The Dinosaurs and Prehistoric Animals of Nebraska

Side profile of a teleoceras standing in a field


Somewhat surprisingly, given its proximity to dinosaur-rich Utah and South Dakota, no dinosaurs have ever been discovered in Nebraska — though there's no doubt that hadrosaurs, raptors, and tyrannosaurs roamed this state during the later Mesozoic Era. Making up for this shortfall, though, Nebraska is famous for the diversity of its mammalian life during the Cenozoic Era, after the dinosaurs went extinct, as you can learn about by perusing the following slides.

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Prehistoric Camels

Aepycamelus giraffinus, camel, Miocene of Colorado

 Nobumichi Tamura / Stocktrek Images

Believe it or not, until a few million years ago, camels plodded across the northern plains of North America. More of these ancient ungulates have been discovered in Nebraska than in any other state: Aepycamelus, Procamelus, and Protolabis in the northeast, and Stenomylus in the northwest. A few of these ancestral camels managed to migrate down to South America but most wound up in Eurasia (via the Bering land bridge), progenitors of the modern camels of Arabia and central Asia.

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Prehistoric Horses

The ancestral horse Miohippus

 Encyclopaedia Britannica / UIG

The vast, flat, grassy plains of Miocene Nebraska were the perfect environment for the first, pint-sized, multiple-toed prehistoric horses. Specimens of Miohippus, Pliohippus, and less well-known "hippi" like Cormohipparion and Neohipparion have all been discovered in this state and were likely preyed on by the prehistoric dogs described in the next slide. Like camels, horses had disappeared from North America by the end of the Pleistocene epoch, only to be reintroduced in historical times by European settlers.

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Prehistoric Dogs

Amphicyon, a prehistoric dog of Nebraska. Sergio Perez

Cenozoic Nebraska was as rich in ancestral dogs as it was in prehistoric horses and camels. The distant canine ancestors Aelurodon, Cynarctus, and Leptocyon have all been discovered in this state, as have the remains of Amphicyon, better known as the Bear Dog, which looked (you guessed it) like a small bear with the head of a dog. Once again, though, it was up to the early humans of late Pleistocene Eurasia to domesticate the Grey Wolf, from which all modern North American dogs are descended.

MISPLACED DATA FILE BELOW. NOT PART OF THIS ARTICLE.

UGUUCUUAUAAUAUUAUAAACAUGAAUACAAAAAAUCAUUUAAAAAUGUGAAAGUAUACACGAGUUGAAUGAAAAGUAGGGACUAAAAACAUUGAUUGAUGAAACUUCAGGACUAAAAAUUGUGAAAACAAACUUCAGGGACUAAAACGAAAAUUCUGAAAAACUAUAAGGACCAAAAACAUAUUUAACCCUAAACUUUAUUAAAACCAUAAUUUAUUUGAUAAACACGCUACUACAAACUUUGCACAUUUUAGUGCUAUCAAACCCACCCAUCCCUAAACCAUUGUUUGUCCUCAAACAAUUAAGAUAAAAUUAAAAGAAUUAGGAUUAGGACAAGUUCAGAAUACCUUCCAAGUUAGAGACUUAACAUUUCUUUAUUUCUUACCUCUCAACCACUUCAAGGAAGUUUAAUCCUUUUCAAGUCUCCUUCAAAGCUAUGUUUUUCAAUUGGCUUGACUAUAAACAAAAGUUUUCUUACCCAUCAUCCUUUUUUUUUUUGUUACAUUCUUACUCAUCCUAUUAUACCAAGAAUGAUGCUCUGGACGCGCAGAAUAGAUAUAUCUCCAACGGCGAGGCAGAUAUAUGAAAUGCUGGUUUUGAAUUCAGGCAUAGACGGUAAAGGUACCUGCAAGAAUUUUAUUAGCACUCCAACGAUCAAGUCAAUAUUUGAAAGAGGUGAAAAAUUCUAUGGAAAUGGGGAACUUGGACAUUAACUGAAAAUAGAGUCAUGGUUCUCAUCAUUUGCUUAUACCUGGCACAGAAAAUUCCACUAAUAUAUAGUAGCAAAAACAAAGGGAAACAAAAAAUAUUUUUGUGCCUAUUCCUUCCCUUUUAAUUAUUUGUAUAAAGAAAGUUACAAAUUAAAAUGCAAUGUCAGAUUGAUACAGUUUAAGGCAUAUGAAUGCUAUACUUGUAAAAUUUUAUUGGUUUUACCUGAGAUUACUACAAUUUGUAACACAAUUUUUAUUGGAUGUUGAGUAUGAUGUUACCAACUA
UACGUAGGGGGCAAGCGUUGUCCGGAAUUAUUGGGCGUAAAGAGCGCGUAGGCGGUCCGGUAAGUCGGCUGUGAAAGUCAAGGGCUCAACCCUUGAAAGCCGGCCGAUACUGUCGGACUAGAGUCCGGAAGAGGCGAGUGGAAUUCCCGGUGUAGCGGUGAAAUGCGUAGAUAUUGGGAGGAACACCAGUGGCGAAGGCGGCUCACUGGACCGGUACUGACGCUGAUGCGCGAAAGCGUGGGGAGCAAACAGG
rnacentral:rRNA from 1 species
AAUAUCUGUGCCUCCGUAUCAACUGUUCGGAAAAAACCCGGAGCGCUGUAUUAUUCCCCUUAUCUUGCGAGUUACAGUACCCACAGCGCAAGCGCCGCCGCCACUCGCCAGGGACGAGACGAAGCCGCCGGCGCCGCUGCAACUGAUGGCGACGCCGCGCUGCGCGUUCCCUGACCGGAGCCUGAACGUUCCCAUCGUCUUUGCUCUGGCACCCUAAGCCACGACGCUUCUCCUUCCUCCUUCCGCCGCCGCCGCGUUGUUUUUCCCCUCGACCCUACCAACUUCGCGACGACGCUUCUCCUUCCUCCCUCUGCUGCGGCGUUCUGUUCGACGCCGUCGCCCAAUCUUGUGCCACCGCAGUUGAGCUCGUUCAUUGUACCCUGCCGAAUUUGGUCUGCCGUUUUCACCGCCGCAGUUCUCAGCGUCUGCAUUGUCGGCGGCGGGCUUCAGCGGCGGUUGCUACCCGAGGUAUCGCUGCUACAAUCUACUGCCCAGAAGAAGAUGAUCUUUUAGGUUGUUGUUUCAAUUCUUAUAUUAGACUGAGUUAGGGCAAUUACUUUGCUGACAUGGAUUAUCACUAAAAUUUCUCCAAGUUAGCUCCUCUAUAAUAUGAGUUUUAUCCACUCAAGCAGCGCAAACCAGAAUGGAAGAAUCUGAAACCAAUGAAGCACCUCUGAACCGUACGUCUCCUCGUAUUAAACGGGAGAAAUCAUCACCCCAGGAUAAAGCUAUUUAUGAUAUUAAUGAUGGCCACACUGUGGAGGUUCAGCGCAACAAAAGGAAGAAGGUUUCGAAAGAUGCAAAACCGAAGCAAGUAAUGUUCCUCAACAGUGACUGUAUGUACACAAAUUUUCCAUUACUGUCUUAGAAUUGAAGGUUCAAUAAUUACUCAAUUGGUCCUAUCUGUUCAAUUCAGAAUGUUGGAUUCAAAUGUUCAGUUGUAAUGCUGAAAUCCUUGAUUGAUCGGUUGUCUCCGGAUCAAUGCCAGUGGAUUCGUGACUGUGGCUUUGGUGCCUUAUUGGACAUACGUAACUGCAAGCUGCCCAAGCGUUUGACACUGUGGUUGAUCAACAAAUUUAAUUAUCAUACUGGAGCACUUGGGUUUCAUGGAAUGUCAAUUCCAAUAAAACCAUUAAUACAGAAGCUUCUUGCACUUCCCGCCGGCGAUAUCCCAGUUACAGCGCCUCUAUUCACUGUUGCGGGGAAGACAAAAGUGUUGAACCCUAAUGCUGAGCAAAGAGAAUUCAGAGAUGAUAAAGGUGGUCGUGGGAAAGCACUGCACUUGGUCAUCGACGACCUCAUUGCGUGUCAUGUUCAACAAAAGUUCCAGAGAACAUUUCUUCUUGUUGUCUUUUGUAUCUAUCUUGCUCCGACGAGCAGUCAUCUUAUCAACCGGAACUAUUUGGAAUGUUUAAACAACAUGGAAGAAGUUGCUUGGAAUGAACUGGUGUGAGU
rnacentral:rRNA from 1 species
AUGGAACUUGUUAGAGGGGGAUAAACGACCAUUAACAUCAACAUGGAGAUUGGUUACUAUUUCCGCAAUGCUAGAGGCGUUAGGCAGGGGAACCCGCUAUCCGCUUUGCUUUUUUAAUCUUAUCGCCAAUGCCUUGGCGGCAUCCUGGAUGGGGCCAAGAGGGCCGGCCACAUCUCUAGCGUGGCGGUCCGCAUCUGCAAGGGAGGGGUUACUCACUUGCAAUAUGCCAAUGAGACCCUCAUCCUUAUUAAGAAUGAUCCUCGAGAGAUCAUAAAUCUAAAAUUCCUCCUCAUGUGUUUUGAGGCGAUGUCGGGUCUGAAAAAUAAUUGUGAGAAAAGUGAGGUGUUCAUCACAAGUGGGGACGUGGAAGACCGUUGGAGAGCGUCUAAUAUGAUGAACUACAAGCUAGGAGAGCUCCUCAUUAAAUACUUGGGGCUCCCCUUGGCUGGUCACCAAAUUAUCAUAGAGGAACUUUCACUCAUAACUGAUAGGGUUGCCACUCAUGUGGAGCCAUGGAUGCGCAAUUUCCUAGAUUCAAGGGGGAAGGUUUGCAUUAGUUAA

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Prehistoric Rhinos

Menoceras exhibit in the Royal Ontario Museum

Daderot / Wikimedia Commons

Weird-looking rhinoceros ancestors coexisted alongside the prehistoric dogs and camels of Miocene Nebraska. Two notable genera native to this state were Menoceras and Teleoceras; a slightly more distant forebear was the bizarre Moropus, a "stupid-footed" megafauna mammal closely related to the even bigger Chalicotherium. (And after reading the previous slides, would it surprise you to learn that rhinos went extinct in North America even as they prospered in Eurasia?)

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Mammoths and Mastodons

Columbian mammoth, based on the AMNH specimen

Charles R. Knight / Wikimedia Commons

More Mammoth remains have been discovered in Nebraska than in any other state — not only the Woolly Mammoth (Mammuthus primigenius) but also the lesser-known Columbian Mammoth and Imperial Mammoth (Mammuthus columbi and Mammuthus imperator). Unsurprisingly, this large, lumbering, prehistoric elephant is Nebraska's official state fossil, notwithstanding the prevalence, in lesser numbers, of another notable ancestral proboscid, the American Mastodon.

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This is a Daeodon, also known as Dinohyus, an ancient relative of the wild boar

Daniel Eskridge / Getty Images 

Formerly known by the more evocative name Dinohyus — Greek for "terrible pig" — the 12-foot-long, one-ton Daeodon resembled a hippopotamus more than it did a modern porker. Like most of Nebraska's fossil mammals, Daeodon prospered during the Miocene epoch, from about 23 to 5 million years ago. And like virtually all of Nebraska's mammalian megafauna, Daeodon, and other ancestral pigs eventually vanished from North America, only to be reintroduced thousands of years later by European settlers.

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palaeocastor fossil

Claire H. / Wikimedia Commons


One of the strangest mammals ever to be discovered in Nebraska, Palaeocastor was a prehistoric beaver that didn't build dams — rather, this tiny, furry animal burrowed seven or eight feet into the ground using its oversized front teeth. The preserved results are known across the American West as "devil's corkscrews," and were a mystery to naturalists (some thought they were created by insects or plants) until a fossilized Palaeocastor was found nestled inside one specimen.

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Strauss, Bob. "The Dinosaurs and Prehistoric Animals of Nebraska." ThoughtCo, Aug. 29, 2020, Strauss, Bob. (2020, August 29). The Dinosaurs and Prehistoric Animals of Nebraska. Retrieved from Strauss, Bob. "The Dinosaurs and Prehistoric Animals of Nebraska." ThoughtCo. (accessed March 22, 2023).